Say this fast: HMO, PPO, PFFS, MSA, FFS.
If the acronyms make sense, you’ve done your health care homework, and you know they represent health care plans. If they’re not yet familiar to you, brace yourself. Whether you’re helping a family member find a health care plan, looking for one for yourself, or on Medicare and thinking of changing plans, you’re likely to encounter all these initials, and more.
The following summary may help you keep them straight.
HMO (Health Maintenance Organization). Your primary care physician provides routine care and makes referrals to network specialists.
PPO (Preferred Provider Organization). No primary care physician is required. You may choose any doctor or hospital, but you’ll pay more for services by non-network providers.
PFFS (Private Fee For Service). You can choose any doctor or hospital that accepts Medicare as long as the doctor or hospital also accepts the private plan’s terms and conditions.
MSA (Medical Savings Account). You may also know these as Health Savings Accounts (HSAs). The plan has a high deductible combined with a savings account that can be used for medical expenses. Medicare’s 2007 Handbook states they may be offered in 2007, but some states already offer them.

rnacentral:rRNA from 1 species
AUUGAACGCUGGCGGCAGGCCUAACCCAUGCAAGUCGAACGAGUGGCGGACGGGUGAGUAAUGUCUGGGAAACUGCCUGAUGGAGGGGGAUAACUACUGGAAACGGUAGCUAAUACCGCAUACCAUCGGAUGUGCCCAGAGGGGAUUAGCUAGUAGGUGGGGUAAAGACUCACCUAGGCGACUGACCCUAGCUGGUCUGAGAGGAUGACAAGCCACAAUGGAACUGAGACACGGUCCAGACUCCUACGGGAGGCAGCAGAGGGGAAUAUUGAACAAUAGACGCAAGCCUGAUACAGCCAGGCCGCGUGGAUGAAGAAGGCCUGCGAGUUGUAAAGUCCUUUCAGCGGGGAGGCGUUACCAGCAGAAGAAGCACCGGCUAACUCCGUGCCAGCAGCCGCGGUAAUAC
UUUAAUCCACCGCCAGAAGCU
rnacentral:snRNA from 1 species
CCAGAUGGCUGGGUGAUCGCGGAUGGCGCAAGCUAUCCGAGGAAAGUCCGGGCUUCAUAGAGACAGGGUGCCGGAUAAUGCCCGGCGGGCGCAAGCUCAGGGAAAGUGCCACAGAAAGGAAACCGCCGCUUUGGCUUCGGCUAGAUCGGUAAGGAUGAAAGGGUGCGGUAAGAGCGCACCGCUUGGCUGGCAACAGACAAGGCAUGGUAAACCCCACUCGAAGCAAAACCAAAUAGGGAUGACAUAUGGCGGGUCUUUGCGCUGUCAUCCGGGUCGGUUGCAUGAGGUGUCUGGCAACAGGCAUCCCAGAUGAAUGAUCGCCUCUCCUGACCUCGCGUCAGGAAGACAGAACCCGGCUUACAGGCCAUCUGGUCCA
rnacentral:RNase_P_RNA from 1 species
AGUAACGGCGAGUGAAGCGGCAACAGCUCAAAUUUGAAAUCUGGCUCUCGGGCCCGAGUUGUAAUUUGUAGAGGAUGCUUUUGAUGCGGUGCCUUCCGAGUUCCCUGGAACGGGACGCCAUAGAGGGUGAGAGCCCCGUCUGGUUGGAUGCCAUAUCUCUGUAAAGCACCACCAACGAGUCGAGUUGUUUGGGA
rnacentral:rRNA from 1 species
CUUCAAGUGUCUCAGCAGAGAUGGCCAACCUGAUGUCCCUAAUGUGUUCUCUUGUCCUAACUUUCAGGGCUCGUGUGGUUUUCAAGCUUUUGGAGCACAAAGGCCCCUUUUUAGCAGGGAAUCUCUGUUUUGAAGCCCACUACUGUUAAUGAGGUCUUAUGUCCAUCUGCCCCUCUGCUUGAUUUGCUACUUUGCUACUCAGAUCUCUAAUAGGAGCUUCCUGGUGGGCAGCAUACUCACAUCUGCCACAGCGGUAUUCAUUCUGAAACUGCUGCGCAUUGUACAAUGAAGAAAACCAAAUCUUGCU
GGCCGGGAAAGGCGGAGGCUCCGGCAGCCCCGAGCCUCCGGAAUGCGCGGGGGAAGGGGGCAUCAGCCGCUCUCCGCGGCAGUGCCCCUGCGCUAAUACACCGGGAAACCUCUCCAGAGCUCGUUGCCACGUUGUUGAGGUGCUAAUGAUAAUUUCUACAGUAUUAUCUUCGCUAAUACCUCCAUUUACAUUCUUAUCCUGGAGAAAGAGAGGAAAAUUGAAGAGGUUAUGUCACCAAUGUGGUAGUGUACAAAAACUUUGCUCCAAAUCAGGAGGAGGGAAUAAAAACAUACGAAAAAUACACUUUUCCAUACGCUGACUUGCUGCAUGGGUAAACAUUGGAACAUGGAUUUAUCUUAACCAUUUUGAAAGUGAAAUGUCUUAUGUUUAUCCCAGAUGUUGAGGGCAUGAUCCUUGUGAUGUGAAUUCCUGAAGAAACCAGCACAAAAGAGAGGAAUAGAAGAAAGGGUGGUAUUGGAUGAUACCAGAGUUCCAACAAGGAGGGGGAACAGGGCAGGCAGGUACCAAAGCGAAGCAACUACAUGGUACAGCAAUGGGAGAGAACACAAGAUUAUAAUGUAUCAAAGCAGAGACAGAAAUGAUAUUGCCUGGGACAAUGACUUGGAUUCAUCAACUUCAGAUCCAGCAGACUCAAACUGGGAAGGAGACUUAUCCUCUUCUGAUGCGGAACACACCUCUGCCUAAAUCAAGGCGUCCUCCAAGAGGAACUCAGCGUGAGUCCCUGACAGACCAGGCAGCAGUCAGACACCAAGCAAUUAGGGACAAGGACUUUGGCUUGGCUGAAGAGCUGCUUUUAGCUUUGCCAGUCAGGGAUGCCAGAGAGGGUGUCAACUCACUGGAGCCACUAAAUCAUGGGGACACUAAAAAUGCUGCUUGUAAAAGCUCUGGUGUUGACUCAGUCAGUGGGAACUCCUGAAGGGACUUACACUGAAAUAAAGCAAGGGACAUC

FFS (Fee For Service). The original Medicare plan allows you to use any doctor or hospital of your choice as long as they accept Medicare.
HMO, PPO and PFFS plans are also available for those under 65 and not on Medicare. Premiums, co-payments, deductibles and services vary with each insurance company.
To find the best plan for you or a loved one, go to seminars, call Medicare, check the Internet—and sort it all out before you put your own initials on the dotted line.